Over at Cosmic Variance, physicist Sean Carroll offers some admittedly uninformed speculation about utility theory and economics, saying
Anyone who actually knows something about economics is welcome to chime in to explain why all this is crazy (very possible), or perfectly well-known to all working economists (more likely), or good stuff that they will steal for their next paper (least likely). The freedom to speculate is what blogs are all about.
I didn’t notice anything crazy but there’s a fair bit that’s well-known. For example, Carroll observes that utility is generally not additive across commodities, and that some goods are likely to be more closely related than others. That’s textbook stuff, covered by the basic concepts of complementarity and substitutability.
This is a more interesting and significant point
But Iâ€™d like to argue something a bit different â€” not simply that people donâ€™t behave rationally, but that â€œrationalâ€? and â€œirrationalâ€? arenâ€™t necessarily useful terms in which to think about behavior. After all, any kind of deterministic* behavior â€” faced with equivalent circumstances, a certain person will always act the same way â€” can be modeled as the maximization of some function. But it might not be helpful to think of that function as utility, or as the act of maximizing it as the manifestation of rationality.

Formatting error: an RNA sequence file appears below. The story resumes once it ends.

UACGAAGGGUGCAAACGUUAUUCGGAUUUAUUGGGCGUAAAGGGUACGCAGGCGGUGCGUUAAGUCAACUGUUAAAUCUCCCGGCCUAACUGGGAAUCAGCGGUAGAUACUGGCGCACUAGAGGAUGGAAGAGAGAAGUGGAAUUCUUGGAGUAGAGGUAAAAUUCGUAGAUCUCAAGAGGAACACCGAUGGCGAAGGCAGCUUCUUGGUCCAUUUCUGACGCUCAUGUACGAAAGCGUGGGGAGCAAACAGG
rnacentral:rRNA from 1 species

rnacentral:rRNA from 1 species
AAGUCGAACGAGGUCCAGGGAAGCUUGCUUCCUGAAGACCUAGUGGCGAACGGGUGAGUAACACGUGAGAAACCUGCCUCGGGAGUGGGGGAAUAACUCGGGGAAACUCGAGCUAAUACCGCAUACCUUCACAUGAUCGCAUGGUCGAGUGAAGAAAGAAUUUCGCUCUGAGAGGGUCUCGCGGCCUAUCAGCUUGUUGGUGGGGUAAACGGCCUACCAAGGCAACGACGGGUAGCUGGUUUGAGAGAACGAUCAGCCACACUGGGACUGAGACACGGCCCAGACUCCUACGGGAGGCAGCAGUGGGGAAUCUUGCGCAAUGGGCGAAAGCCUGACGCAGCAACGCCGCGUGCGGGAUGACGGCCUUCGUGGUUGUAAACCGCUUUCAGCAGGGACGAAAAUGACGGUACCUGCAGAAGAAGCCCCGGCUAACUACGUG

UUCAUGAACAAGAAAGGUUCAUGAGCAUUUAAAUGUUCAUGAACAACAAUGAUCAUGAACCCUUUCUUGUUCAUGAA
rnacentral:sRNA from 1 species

I can only agree. But economists and (even more, I think) political scientists in the “rational choice” tradition regularly get themselves tied up in all sorts of knots about this, switching between the trivial notion of maximising a function and substantive claims in which rationality is frequently equated with egoism. Joseph Butler demolished this kind of reasoning nearly 300 years ago, but it keeps on popping up.
* This qualification isn’t necessary, and Carroll notes later on that choices are often stochastic. The resulting probability distributions still maximise an appropriately defined function.